With respect to RB allocation, the DCI format 0 defined in LTE Rel-8 allocates contiguously allocated uplink RBs. Since the RBs not allocated to contention-free PUSCHs (i.e., RBs allocated for CB-PUSCH) are by nature non-contiguous, a single modified DCI Format 0 cannot allocate all CB resources. An embodiment employing one of the following approaches may be used for handling signaling of RB allocation for CB-PUSCH. In a first approach, since the downlink common search space for PDCCH is limited, the number of PDCCHs allocating CB resources should also be limited. Those aforementioned unused bits (such as TPC, new data indicator (NDI), etc.) may be used together with the RB assignment, and hopping resource allocation fields may be changed to allow one reused DCI Format 0 that allocates multiple or all non-contiguous RBs. One way to signal non-contiguous RBs is to use a bitmap based RB allocation. In another approach, common search space is increased. Multiple uplink grants with different or the same CB-RNTI(s) may be used in the same sub-frame to signal CB RBs, with each uplink grant allocating one or several contiguous RBs grouped according to the non-contiguous spacing of the CB uplink grant.

In order to deal with power control for the CB-PUSCH, it is noteworthy that due to inactivity of the WTRU 102a in a dormant sub-state, there is no accurate reference for power control. Nonetheless, the power control for CB-PUSCH is important, as unlike a RACH procedure, the process involved in CB-PUSCH does not rely on orthogonal preambles. As such, there may be interference from multiple WTRUs competing for the same CB-PUSCH resources. In order to avoid any delay in the system while performing power control and defeating the main purpose of CB-PUSCH, the following approaches may be implemented.

In a first example approach for power control, an open-loop power setting procedure (without the use of a transmit power control (TPC) command) for the CB-PUSCH may be implemented. An example of such an open loop power setting is presented below in Equation 1:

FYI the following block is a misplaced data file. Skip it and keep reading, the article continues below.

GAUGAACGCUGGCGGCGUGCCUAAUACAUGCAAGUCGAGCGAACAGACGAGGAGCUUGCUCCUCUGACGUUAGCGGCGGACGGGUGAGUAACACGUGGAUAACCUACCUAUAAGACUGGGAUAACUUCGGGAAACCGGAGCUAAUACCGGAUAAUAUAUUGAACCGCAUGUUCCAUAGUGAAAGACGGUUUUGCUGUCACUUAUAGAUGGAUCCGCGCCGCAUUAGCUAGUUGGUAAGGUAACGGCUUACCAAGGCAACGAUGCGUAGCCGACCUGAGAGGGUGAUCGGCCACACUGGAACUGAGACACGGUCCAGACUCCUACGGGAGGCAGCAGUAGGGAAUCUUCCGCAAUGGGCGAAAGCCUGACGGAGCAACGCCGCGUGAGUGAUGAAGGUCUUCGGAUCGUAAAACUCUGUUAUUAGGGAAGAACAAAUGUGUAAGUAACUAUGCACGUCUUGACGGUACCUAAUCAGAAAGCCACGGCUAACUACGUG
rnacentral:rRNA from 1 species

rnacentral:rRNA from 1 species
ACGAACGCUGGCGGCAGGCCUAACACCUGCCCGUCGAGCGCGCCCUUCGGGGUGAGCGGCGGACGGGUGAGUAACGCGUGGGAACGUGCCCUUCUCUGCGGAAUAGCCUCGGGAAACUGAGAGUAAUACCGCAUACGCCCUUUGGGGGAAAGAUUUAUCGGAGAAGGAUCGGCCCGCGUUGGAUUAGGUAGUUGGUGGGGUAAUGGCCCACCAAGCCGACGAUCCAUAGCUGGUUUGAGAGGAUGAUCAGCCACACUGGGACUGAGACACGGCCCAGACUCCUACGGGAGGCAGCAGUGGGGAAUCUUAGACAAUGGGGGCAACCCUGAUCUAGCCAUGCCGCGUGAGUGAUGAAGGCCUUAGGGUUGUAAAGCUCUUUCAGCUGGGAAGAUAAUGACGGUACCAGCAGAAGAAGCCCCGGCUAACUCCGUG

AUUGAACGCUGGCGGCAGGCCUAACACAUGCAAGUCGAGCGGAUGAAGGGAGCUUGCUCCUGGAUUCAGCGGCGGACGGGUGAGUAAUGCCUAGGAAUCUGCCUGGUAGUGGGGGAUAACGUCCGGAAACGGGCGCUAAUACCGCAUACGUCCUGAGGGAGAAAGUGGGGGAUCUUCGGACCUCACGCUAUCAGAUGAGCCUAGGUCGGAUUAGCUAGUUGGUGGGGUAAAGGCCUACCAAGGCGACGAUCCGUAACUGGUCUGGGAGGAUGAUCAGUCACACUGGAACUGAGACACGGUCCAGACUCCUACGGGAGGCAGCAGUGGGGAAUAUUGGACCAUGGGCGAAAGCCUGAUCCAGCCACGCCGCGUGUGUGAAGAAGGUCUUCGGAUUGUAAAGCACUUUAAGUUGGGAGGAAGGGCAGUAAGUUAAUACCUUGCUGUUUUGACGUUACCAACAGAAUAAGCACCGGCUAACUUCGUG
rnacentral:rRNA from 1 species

PCB_PUSCH(i)=min{PCMAX,10 log10(MPUSCH(i))+PO_PUSCH(j)+α(jPL+ΔTF(i)}   Equation (1)

where:

  • PCMAX is the configured WTRU transmitted power, defined as MIN {PEMAX, PUMAX}, where PEMAX is the maximum allowed power configured by higher layers and PUMAX is the maximum WTRU power for the specified WTRU power class.
  • MPUSCH(i) is the bandwidth of the CB-PUSCH resource assignment expressed in a number of resource blocks valid for subframe i.
  • PO_PUSCH(j) is a parameter composed of the sum of a cell specific nominal component PO_NOMINAL_PUSCH(j) provided from higher layers for j=0 and 1 and a WTRU specific component PO_UE_PUSCH(j). A new type (i.e., for j=3) of PO_UE_PUSCH(j) may be defined for the CB-PUSCH.
  • ΔTF(i) compensates the transmit power according to the MCS used for the CB-PUSCH.
  • PL is the downlink pathloss estimate calculated in the WTRU based on reference signal (RS) power provided by higher layers and received RS power.
  • α(j) is a cell specific parameter provided by higher layers.

Alternatively, the CB-PUSCH transmission may apply the last PUSCH (or PUCCH) power level to the transmit power determined by the above open-loop power control. However, the final transmit power setting needs to be adjusted according to the modulation/coding setting used for the CB-PUSCH.

Alternatively, a limited two state power ramping for CB-PUSCH may be used. If p0 is assumed as the power level for the first attempt, in case of failure to receive an UL-SCH grant from an earlier CB-PUSCH attempt, the WTRU 102a may proceed with p0+Δp for the next attempts if any, where Δp is a predefined power step.

Next described is an overall procedure for CB-PUSCH operation. The CB-PUSCH is typically used for small data packets, and thus has a limited amount of data to transmit. For example the CB-PUSCH might contain only WTRU identity, BSR and a small payload. The eNodeB may indicate, either by semi-static signaling or by a grant on the PDCCH channel, that certain RBs are available for contention-based transmissions. The available RBs provide resources for one or more WTRUs.

The MCS and transport format used for the CB-PUSCH may be standardized, semi-statically signaled by the network, or as indicated in the PDCCH grant. The MCS and format apply to a single WTRU (e.g., WTRU 102a) using a designated number NCBRB of RBs, rather than to the total number of RBs identified in the grant. It is also possible that different MCSs and formats may be specified for SRs and data packets.